It’s early still, but the warmth of my bedroom wakes me not long after the sun has risen. I roll out of bed, walk over to the kitchen, and begin making coffee. I turn on my shortwave to the BBC and listen as I pour my coffee, stopping to rub the sleep out of my eyes.
As I sip, I look through my window to the wreckage of the abandoned dry port of Nepal. I can hear someone singing in a temple through a loudspeaker. The sites and the sounds make this place beautiful.
This is my last day in Birganj.
Moments later, I’m at Himanchal Cabin, looking over the Kathmandu Post and Himalayan Times with yet another cup of coffee and eggs and toast on the way.
With the kids working here, I joke and answer questions about the photos in the papers. They know me and sit at my table when they have downtime. I have known many of them for more than a year, a few for more than two.
After breakfast, I walk across Maisthan past the newspaper man who waves to me from his shop. I wave back.
Further down the block, there is a man who sits on his patio with a radio held to his ear. I have seen him nearly everyday since I coming to Birganj. His hair is now shoulder length.
I have never met him or spoke to him, but every time we see one another we mouth,
I turn west for one block, and then south one more block to the Internet cafe. As soon as I walk in, the young computer nerd turns on a computer and I wait for it to boot.
After a moment, I log on and read my emails. The keyboard totters and bangs loudly on the uneven desk as I type. I send a few emails and then sign-off. I’m there for just 15, 20 minutes.
Outside, I jump on a rickshaw and head back north past Maisthan, the clock tower, and my neighborhood, Ranighat, towards the water tank area, Murli Gardens, my previous neighborhood.
I get off in front of my first flat and immediately notice that nothing looks different, except that someone else’s laundry hangs from my balcony. This is me. I am coming, I am going.
Rajesh and his family make lunch, Nepali daal bhat, and we sit together, eating lunch and drinking whiskey, perhaps a bit early. This is a goodbye I knew would be hard. I have a little whiskey and realize all those misunderstandings were my misunderstanding.
A flood of memories pours over me, and I feel shame thinking of their patience and friendliness towards me. All I do, though, is compliment the food and ask for another drink, smiling.
Two hours are gone and, as I walk back towards the main road, I stop at Mira’s for tea and a scolding. It has been nearly a week since my last visit, a period of absence that they find entirely unacceptable, and I smile as they hassle me. Still smiling, I ask for a biscuit with my tea. They tell me not to leave. They say I will forget them.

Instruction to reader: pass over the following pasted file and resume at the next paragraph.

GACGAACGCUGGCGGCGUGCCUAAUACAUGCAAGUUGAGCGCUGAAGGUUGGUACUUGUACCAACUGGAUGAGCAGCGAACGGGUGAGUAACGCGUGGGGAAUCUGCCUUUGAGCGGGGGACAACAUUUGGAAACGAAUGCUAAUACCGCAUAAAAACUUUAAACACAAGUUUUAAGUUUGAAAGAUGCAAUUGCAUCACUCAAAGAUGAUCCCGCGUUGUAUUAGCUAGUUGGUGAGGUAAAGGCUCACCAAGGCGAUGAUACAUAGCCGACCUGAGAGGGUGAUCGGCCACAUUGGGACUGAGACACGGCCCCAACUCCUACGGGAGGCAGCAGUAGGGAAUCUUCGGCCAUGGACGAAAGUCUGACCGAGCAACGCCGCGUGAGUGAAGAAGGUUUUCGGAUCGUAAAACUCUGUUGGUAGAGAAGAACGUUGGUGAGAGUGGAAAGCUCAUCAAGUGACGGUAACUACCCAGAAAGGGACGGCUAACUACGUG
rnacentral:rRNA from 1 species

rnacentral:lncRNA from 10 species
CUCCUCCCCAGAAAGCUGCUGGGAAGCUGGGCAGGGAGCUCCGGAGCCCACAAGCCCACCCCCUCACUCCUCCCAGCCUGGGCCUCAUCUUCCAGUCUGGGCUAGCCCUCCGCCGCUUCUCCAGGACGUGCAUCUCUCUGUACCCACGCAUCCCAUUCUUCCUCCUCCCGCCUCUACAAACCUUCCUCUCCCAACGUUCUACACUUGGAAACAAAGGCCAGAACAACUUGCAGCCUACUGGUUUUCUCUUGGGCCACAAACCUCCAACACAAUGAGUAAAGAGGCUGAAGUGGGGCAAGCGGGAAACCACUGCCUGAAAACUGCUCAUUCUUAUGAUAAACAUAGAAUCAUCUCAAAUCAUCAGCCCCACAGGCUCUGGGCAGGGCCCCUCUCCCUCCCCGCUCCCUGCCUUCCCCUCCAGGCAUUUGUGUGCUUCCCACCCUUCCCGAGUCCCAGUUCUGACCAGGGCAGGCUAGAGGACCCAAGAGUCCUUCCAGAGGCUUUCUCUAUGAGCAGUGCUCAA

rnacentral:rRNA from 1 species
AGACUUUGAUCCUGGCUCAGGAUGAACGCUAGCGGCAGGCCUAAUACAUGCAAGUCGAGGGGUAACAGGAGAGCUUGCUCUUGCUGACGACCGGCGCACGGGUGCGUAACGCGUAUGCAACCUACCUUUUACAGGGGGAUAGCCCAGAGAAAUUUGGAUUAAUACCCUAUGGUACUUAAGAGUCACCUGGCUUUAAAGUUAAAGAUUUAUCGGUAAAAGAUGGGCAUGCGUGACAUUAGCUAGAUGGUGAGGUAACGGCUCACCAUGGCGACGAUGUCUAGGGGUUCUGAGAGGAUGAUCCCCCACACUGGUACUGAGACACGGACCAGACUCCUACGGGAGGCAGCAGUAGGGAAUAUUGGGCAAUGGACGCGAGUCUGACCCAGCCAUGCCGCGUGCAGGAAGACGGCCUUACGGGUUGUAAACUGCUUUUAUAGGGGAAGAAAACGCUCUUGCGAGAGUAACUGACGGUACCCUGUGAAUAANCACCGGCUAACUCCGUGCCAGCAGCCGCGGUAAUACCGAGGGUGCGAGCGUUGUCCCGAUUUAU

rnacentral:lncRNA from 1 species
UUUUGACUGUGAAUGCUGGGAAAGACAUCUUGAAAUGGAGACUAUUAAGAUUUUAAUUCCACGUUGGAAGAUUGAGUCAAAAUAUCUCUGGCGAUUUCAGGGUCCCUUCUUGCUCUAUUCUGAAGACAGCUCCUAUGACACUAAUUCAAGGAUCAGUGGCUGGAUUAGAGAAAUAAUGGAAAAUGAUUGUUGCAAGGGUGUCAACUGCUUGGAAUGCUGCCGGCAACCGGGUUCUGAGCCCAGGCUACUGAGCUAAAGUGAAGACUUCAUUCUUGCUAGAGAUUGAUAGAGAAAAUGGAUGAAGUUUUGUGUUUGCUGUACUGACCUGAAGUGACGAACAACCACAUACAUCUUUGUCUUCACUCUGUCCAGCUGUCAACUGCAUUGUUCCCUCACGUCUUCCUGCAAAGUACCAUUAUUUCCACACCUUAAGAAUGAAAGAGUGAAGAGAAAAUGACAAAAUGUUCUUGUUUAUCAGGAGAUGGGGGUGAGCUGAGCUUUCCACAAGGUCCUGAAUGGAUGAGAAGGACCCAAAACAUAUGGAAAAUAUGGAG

Mira, who gave me bhai tikka,
I won’t forget you.
I know that in small ways, I will remember them, but I will probably never see them again.
They opened their home to me. I feel that my friendship and occasional gifts were completely inadequate, so I almost wish they would hassle me more. They don’t. They just give me more tea.
After I finish prolonged goodbyes, I walk to Ashish’s. He lives where a British VSO once lived. She was a friend and showed me much of Birganj.
Now Ashish lives in her flat. I think about my flat and the Australian who lived there before me. I wonder if this cyclical nature of volunteers coming, working, and leaving is good. We fly in, from far away places, try our best to improve things, and then leave just as suddenly as we came. Again and again.
There are already several volunteers from out of town at Ashish’s for the big farewell party. Oh, and St. Patrick’s Day.
There’s green Carlsberg beer ready and water buffalo meat cooking. Just after dark, the music gets louder and the dancing begins. This has happened so many times that I can’t help but be sad to know that this, again, is a last.
Before it’s too late, I walk alone back to my flat. The streets are empty and the houses are dark. I notice (as I always have) how the fluorescent lights hanging as along the way eerily illuminate the crumbling streets and gloomy homes.
It’s beautiful. I walk across the abandoned dry port, past a building that was bombed by Maoists, arrive in Ranighat and finally home.
As soon as I walk in, I notice my packed bag sitting in the kitchen, waiting for tomorrow’s departure. I can’t sleep, so I go to the roof to look over sleeping Ranighat.
I can’t look in any direction without remembering encounters with people, street food I ate, places I went and others I didn’t, the houses of kids I knew. They will not see me again, and soon I won’t remember many of them.
The next morning, I get in a jeep headed to the airport. After a few moments, we are outside of Birganj and passing through places like Parwanipur, Jitpur, and finally Simra.
This may or may not have happened.
I may not see the clock tower and think,
This is a last. I may not notice the Bollywood movie posters that used to catch my eye.
This part of my life is over (or rather ending very soon), and I will never live again in this city full of contradictions—and that makes me sad. Very.
But a new chapter in my life is opening, and I’m turning the page, anxious for a new beginning.